I like the fact that you’re aware that riding UpOn2 requires a different mind set @Ha66is … you’ll do fine ! Having a beautiful piece of equipment like a 9T to ride is just damn good luck because there’s no real different between a big powerful machine and a sweet quiet Vespa … it’s the way it’s ridden. Use your head and be smart … the muscles you need are the same, it’s the reserve power and in the case of the 9T …THE TORQUE that makes it soooo sweet. The only muscle you will develop is the one in your right wrist …. Have Fun sitting on a thoroughbred stallion instead of a stick-horse .. (it’s a Texas thing) .. but put away your fears .. You’re going to love it … myGod when I think of some of the two wheeled junk I rode !?!?!?!? … you are a fortunate soul …
“RideHigh in the Saddle” ..(that’s another Texas thing with a bit of Hippie thrown in) …and always StayUpOn2 …Blitz
What a great response. Thanks heaps.
I’ve had a shitey health diagnosis and this would be a wee reward. Probably got 5mths to go before I can ride, so doing my research now, including getting on to a manual licence formally.
Thks for the engagement.
 

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My intention is not to dissuade. I have a mantra that I have found to be true in my 4 decades of riding experience. "Everyone goes down least once" In conversation with other riders I will sometimes ask the question. Know anyone that has been riding a while that has not gone down? I can not recall anyone replying yes. Words to the wise.
OK now lets hear the inevitable rebuttal from the ones that have not gone down...... yet.😄😄✋
 

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Thanks.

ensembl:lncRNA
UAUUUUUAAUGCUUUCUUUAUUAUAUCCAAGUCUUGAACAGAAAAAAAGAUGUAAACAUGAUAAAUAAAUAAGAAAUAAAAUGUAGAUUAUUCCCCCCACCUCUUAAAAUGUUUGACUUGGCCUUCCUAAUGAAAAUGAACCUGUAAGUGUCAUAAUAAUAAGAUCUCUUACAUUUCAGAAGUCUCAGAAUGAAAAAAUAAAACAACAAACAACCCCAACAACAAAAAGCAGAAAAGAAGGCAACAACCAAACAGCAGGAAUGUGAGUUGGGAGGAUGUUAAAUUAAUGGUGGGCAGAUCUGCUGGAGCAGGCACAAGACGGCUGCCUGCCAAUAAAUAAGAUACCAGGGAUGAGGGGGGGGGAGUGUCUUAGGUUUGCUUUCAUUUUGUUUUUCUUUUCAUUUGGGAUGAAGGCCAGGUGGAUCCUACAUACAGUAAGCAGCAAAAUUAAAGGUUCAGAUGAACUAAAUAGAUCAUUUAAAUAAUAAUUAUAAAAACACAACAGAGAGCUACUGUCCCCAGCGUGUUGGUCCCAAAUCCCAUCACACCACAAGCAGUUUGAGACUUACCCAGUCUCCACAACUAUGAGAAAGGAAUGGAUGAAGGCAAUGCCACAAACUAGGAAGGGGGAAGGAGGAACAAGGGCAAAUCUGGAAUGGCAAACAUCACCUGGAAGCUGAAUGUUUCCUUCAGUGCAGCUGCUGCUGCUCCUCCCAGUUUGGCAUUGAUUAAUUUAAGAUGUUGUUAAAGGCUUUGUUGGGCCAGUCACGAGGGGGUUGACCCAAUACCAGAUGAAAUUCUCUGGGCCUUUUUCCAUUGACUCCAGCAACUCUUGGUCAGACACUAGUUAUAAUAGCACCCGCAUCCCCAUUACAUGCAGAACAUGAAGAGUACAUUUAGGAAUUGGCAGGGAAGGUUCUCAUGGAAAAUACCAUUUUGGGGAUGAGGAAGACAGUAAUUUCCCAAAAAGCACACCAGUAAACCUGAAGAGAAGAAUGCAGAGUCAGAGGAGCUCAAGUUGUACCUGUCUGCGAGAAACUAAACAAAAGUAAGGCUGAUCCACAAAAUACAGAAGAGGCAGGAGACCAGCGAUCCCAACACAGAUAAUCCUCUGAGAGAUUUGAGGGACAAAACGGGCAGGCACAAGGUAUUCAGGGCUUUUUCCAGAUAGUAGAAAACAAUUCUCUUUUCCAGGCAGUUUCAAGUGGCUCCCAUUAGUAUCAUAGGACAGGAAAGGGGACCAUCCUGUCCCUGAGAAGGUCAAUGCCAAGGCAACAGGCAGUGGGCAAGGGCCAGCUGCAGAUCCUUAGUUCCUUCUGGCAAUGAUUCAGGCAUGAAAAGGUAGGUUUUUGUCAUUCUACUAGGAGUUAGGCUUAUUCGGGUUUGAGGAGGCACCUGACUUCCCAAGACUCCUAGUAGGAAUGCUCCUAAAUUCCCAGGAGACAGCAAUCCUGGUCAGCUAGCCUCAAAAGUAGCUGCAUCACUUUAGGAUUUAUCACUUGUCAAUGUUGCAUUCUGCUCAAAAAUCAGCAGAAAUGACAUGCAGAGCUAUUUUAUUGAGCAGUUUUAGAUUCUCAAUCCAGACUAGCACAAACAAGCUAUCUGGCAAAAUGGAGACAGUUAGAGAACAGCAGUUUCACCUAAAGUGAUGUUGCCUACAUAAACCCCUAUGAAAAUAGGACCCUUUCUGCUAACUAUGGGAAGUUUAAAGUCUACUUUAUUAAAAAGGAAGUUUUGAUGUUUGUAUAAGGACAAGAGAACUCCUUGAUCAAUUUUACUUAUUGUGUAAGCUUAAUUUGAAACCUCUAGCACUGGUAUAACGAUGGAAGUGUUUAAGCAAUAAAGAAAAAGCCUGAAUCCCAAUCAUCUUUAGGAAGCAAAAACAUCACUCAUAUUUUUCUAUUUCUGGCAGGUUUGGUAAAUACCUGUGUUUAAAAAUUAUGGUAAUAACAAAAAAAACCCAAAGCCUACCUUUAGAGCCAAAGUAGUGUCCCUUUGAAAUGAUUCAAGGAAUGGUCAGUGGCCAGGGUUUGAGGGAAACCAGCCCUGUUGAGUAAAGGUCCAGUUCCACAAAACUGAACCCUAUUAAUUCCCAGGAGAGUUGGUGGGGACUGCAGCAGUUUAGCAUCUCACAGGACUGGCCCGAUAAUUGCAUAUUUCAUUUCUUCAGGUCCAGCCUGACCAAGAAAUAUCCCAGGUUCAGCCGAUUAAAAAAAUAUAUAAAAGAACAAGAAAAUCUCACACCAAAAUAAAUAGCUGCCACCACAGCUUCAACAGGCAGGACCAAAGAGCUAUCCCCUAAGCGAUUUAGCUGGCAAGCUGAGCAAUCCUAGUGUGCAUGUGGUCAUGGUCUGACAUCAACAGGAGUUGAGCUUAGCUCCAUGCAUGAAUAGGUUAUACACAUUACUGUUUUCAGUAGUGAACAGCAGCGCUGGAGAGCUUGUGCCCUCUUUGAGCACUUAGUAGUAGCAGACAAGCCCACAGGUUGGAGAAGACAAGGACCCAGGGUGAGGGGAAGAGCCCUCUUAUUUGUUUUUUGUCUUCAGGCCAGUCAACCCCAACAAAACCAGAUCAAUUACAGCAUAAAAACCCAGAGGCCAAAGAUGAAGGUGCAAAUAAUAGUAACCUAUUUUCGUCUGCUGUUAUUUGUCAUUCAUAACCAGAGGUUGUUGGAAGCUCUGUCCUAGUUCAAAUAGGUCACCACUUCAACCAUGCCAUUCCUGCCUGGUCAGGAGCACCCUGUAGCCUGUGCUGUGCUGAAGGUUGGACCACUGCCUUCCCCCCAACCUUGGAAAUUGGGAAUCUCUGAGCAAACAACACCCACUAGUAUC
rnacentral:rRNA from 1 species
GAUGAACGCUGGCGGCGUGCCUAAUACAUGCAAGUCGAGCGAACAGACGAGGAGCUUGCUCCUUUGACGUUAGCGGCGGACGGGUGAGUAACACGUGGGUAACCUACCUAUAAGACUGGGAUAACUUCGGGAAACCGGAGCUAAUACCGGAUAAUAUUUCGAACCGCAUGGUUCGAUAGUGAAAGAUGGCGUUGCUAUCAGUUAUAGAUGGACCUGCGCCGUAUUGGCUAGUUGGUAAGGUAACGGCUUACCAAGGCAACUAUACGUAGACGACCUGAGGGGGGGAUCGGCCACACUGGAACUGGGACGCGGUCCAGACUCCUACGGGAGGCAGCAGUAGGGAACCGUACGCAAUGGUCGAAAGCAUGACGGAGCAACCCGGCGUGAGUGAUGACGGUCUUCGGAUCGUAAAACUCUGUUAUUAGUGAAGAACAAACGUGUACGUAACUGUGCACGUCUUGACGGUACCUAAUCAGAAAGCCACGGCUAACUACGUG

Yeah. I'd do an advanced as well. I kinda like being alive. I did DGR this year and fond myself just drooling over the bikes and particularly attracted to the brutal look of some custom builds. I have a short (ish) commute (15kms) don't think id be a Touring guy to be frank> The R Nine T as a platform appeals to me.

Thanks for the response.
Welcome to the forum Thommo. I'm only an hour south of you so have a reasonable idea of your 15km commute. I'll go against the flow here and suggest you do something rather different. My suggestion will get you an equally good bike for your commute. It will be a better bike for custom building, the bike new will cost about a third as much as an R9T, the aftermarket parts are crazy cheap and the cool factor is enormous. The bike will get more looks and questions from both the general public and other bike riders. I've owned one a little while ago and am actively looking for another to customize while keeping my beloved R9T as my main ride. You have two options depending on your preferred style of the finished project. Go look very hard at Royal Enfield 650's, the Interceptor and the Continental GT.
 

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Discussion Starter · #11 ·
Welcome to the forum Thommo. I'm only an hour south of you so have a reasonable idea of your 15km commute. I'll go against the flow here and suggest you do something rather different. My suggestion will get you an equally good bike for your commute. It will be a better bike for custom building, the bike new will cost about a third as much as an R9T, the aftermarket parts are crazy cheap and the cool factor is enormous. The bike will get more looks and questions from both the general public and other bike riders. I've owned one a little while ago and am actively looking for another to customize while keeping my beloved R9T as my main ride. You have two options depending on your preferred style of the finished project. Go look very hard at Royal Enfield 650's, the Interceptor and the Continental GT.